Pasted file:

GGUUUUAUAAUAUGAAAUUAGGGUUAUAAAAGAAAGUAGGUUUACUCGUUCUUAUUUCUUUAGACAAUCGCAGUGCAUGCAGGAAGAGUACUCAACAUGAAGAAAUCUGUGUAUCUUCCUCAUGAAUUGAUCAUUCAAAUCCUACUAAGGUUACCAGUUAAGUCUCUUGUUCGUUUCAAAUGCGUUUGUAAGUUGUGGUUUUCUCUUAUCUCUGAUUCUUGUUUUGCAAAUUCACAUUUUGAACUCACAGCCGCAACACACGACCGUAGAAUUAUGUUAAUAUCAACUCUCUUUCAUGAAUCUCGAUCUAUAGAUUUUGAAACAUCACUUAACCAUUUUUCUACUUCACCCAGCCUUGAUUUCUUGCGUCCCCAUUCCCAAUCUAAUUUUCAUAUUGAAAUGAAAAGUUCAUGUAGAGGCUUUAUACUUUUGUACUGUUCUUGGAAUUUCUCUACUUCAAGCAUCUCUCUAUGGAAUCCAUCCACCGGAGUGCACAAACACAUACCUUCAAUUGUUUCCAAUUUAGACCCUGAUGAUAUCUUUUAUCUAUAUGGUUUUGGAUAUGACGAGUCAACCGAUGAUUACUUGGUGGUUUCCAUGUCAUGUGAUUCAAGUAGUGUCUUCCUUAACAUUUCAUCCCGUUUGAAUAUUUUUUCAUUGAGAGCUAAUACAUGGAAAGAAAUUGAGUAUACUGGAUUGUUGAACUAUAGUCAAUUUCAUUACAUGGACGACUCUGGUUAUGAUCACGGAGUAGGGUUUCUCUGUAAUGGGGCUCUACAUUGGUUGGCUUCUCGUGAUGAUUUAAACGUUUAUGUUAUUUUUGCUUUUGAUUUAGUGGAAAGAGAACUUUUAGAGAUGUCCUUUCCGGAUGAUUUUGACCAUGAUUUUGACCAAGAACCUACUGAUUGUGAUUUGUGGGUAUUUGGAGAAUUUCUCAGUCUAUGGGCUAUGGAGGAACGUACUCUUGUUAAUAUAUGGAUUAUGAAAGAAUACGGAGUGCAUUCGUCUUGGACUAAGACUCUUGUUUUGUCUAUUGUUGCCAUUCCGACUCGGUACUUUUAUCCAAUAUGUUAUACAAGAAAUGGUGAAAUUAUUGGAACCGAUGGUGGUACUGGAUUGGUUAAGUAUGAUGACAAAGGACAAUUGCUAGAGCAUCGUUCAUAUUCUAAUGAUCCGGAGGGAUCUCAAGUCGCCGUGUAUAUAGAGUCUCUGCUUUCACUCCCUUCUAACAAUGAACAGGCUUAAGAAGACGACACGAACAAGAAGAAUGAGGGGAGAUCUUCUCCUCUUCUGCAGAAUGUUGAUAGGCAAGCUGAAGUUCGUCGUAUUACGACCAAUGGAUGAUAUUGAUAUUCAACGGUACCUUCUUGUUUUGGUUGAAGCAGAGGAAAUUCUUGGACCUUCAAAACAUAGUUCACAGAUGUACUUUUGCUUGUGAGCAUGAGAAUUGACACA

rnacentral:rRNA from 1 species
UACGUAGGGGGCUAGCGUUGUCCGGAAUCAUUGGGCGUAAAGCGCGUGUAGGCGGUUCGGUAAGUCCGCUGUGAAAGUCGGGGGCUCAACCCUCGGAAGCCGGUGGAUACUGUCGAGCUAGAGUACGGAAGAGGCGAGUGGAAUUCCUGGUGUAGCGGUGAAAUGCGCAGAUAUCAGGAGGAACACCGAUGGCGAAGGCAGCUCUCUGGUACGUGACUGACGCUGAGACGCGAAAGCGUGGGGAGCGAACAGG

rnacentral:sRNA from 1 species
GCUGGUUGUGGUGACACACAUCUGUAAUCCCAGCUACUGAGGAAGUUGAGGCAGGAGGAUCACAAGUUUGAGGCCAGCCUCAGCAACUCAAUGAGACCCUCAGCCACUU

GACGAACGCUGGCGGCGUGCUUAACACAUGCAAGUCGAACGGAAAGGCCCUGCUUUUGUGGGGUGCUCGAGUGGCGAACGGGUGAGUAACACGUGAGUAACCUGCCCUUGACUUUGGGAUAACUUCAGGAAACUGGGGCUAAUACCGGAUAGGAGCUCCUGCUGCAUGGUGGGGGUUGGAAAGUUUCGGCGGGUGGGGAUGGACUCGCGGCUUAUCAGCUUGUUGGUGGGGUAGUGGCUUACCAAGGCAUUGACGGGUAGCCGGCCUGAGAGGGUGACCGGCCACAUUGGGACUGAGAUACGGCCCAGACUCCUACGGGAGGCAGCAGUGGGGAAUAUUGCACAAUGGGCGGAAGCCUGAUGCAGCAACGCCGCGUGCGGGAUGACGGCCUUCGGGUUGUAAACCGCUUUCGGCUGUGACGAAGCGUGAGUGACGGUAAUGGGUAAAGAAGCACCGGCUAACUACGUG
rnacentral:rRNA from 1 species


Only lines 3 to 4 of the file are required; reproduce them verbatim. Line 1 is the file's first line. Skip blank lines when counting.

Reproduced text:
UACGUAGGGGGCUAGCGUUGUCCGGAAUCAUUGGGCGUAAAGCGCGUGUAGGCGGUUCGGUAAGUCCGCUGUGAAAGUCGGGGGCUCAACCCUCGGAAGCCGGUGGAUACUGUCGAGCUAGAGUACGGAAGAGGCGAGUGGAAUUCCUGGUGUAGCGGUGAAAUGCGCAGAUAUCAGGAGGAACACCGAUGGCGAAGGCAGCUCUCUGGUACGUGACUGACGCUGAGACGCGAAAGCGUGGGGAGCGAACAGG

rnacentral:sRNA from 1 species